All aboard the appointment train!!

October came and lots of appointments came with it. By this point Dixie had already had two hip ultrasounds, and one on her kidneys and brain. A spinal X-ray, two echo’s on her heart and an appointment with a hospital optician and ophthalmologist (eye doctor).

She was one busy little lady! She was 4 months old.

We kicked off the month with two appointments with the speech therapist I mentioned previously, and a second colleague. The first was at the hospital and didn’t go very well. I went through the whole pregnancy, birth and early weeks with one therapist while another prodded and poked Dixie’s mouth. They wanted to assess her feeding by listening to her throat as she swallowed her milk. This was not an easy task. Not only was she tired. She had spent the previous 10 minutes with someone’s fingers in her mouth. And I hadn’t left the thickener in her feed for long enough. This resulted in a very unhappy, uncooperative Dixie. One who cried, squirmed and choked her way through the test. Safe to say we failed.

The therapist who’d been examining Dixie asked to come to our home the following day and see if she was calmer in her home environment. And so the next day she came. And she listened. And we passed. Well almost.

Despite her doing better, speech still wanted to refer her for a Videofluroscopy (when barium is added to different liquid consistencies/purées and X-rays are taken while they swallow) I figured everything was worth ruling in or out at this point so was happy for the test.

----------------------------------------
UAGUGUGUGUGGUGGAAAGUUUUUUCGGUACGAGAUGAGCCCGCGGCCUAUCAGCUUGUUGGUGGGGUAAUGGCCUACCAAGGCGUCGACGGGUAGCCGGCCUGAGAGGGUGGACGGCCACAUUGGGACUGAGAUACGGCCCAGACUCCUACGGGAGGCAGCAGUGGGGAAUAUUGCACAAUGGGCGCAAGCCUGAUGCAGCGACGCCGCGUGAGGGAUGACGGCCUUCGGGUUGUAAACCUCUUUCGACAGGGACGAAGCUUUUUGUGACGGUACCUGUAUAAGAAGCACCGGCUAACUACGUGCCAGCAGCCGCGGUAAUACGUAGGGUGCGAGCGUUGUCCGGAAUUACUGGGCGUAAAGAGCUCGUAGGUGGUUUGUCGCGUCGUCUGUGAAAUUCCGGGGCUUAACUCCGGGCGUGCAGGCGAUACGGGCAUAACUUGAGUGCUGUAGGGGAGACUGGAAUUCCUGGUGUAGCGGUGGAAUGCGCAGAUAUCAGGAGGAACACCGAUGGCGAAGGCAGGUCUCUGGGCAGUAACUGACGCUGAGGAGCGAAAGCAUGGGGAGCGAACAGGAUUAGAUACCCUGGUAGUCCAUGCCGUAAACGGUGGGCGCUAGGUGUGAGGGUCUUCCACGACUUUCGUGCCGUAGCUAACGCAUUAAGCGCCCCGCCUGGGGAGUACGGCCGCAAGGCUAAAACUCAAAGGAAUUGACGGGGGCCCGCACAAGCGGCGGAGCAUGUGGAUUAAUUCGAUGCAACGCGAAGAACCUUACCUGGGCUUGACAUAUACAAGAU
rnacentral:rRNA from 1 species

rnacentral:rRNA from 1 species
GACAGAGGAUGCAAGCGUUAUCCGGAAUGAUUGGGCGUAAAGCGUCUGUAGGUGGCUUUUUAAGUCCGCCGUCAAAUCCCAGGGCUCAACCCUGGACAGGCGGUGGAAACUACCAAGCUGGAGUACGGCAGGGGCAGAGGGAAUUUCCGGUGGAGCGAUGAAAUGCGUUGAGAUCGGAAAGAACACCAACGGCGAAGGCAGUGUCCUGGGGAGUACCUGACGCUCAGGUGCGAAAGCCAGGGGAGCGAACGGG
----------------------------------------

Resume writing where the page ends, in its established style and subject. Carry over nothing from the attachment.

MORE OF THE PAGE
Our next big appointment was the first with Dixie’s community paediatrician. Dr community. We had been referred to him from Dr diagnosis back in July. He would be our go to guy and oversee all of Dixie’s appointments and development.

The appointment itself was mixed. I liked Dr community. He had a nice way with Dixie. No doom and gloom. No making negative future predictions. Lots of questions and interest in her. He moved on to an examination which I willed her to pass.

I watched as he attempted to sit her small floppy body on his table, her head lolling slowly to the right. I watched as he pulled her up softly by her hands, and she swayed from side to side. I watched as he laid her on her tummy and she tried in frustration to lift her head. I watched as he used both flashing and noisy toys to observe her fix and follow. I watched as he passed her little hands tiny toys to hold that she instantly dropped. It.Was.Heartbreaking.

The appointment finished up with a prescription for extra medication for her reflux. And lastly he told me Dixie qualified for a referral to Portage (more about that later) and a full board assessment. Qualified? What did that actually mean? The answer was a bit of a shock. Dixie was over 50% delayed in two or more areas. Her vision was that of a 5/6 week old baby and her motor skills a 6/7 week – she was 19 weeks old.

Her final appointment that month was a follow up with the optician at the hospital. Again it was more tests I willed her to pass. Finally there was some good news. She had showed a slight improvement from her initial appointment 6 weeks previous. Of course this news was followed by the no guarantees for the future speech. I wasn’t bothered. She was doing better, and although still delayed she had potential.



One comment

  1. Steve Cripwell · September 3, 2015

    Reblogged this on My Write and commented:
    This is part of the journey my youngest daughter and her youngest daughter are on. Thought I would share


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